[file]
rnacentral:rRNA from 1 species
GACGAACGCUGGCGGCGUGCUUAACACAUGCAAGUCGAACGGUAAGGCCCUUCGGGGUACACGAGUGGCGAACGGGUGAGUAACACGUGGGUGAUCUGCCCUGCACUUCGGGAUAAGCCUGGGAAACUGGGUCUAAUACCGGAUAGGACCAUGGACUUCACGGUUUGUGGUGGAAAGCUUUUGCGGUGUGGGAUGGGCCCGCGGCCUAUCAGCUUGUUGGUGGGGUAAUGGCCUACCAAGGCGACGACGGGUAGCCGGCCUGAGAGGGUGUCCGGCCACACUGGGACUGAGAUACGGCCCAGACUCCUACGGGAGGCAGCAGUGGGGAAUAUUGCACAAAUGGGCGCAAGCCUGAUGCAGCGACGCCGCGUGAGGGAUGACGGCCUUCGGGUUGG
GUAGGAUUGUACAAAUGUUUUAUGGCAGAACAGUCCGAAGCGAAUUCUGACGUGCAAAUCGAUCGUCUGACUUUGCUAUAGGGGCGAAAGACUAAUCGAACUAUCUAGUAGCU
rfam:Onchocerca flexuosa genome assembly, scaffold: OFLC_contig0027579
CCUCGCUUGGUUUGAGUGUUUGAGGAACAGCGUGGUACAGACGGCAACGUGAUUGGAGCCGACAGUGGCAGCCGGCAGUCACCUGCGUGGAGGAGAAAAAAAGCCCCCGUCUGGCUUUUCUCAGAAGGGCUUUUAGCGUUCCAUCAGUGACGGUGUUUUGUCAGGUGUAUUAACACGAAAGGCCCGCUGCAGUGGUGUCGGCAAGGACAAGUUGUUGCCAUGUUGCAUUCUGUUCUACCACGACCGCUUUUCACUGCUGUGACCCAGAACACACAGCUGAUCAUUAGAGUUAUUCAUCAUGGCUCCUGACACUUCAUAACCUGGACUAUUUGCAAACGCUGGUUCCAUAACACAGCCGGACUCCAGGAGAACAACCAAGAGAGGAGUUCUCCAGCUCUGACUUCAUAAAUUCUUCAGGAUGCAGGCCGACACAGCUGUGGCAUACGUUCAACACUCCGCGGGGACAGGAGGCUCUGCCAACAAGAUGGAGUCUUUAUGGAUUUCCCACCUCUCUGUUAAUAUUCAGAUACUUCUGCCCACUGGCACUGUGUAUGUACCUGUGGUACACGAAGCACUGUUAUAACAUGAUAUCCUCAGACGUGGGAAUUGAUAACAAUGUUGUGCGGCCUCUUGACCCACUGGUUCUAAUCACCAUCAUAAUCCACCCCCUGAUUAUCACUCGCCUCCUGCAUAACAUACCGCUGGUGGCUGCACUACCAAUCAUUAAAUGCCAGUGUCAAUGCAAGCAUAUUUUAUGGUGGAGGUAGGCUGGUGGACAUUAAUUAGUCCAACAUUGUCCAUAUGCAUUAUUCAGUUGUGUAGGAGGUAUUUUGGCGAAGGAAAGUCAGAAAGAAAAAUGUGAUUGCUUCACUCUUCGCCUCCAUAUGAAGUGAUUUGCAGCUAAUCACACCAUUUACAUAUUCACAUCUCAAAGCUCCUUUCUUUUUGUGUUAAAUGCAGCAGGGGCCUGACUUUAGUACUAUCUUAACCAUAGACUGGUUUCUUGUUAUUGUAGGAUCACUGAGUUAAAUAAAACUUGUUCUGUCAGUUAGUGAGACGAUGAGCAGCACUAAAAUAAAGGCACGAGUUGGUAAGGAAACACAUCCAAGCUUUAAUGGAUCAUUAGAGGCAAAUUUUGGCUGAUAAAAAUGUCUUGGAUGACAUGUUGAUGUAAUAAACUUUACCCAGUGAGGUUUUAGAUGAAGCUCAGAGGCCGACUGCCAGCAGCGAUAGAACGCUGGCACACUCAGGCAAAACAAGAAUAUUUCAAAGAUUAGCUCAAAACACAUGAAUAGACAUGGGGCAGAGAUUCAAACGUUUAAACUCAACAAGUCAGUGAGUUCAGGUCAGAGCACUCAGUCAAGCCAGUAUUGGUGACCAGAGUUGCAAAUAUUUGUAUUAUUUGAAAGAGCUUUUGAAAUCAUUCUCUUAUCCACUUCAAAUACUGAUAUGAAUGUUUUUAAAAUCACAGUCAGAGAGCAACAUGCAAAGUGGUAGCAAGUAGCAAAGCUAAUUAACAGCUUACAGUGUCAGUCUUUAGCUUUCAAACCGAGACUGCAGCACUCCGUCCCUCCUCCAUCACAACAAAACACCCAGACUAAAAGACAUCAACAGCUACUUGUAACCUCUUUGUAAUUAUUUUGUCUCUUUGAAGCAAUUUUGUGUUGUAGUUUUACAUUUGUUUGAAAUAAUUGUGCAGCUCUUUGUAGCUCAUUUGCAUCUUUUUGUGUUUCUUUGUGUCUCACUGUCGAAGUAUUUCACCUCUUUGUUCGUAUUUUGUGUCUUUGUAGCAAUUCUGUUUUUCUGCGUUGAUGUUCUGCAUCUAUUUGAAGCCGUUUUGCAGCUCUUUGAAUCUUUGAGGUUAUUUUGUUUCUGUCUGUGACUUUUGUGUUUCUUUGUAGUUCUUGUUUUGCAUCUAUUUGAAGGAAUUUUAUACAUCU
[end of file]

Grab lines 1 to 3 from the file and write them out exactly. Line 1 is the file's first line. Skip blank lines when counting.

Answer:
rnacentral:rRNA from 1 species
GACGAACGCUGGCGGCGUGCUUAACACAUGCAAGUCGAACGGUAAGGCCCUUCGGGGUACACGAGUGGCGAACGGGUGAGUAACACGUGGGUGAUCUGCCCUGCACUUCGGGAUAAGCCUGGGAAACUGGGUCUAAUACCGGAUAGGACCAUGGACUUCACGGUUUGUGGUGGAAAGCUUUUGCGGUGUGGGAUGGGCCCGCGGCCUAUCAGCUUGUUGGUGGGGUAAUGGCCUACCAAGGCGACGACGGGUAGCCGGCCUGAGAGGGUGUCCGGCCACACUGGGACUGAGAUACGGCCCAGACUCCUACGGGAGGCAGCAGUGGGGAAUAUUGCACAAAUGGGCGCAAGCCUGAUGCAGCGACGCCGCGUGAGGGAUGACGGCCUUCGGGUUGG
GUAGGAUUGUACAAAUGUUUUAUGGCAGAACAGUCCGAAGCGAAUUCUGACGUGCAAAUCGAUCGUCUGACUUUGCUAUAGGGGCGAAAGACUAAUCGAACUAUCUAGUAGCU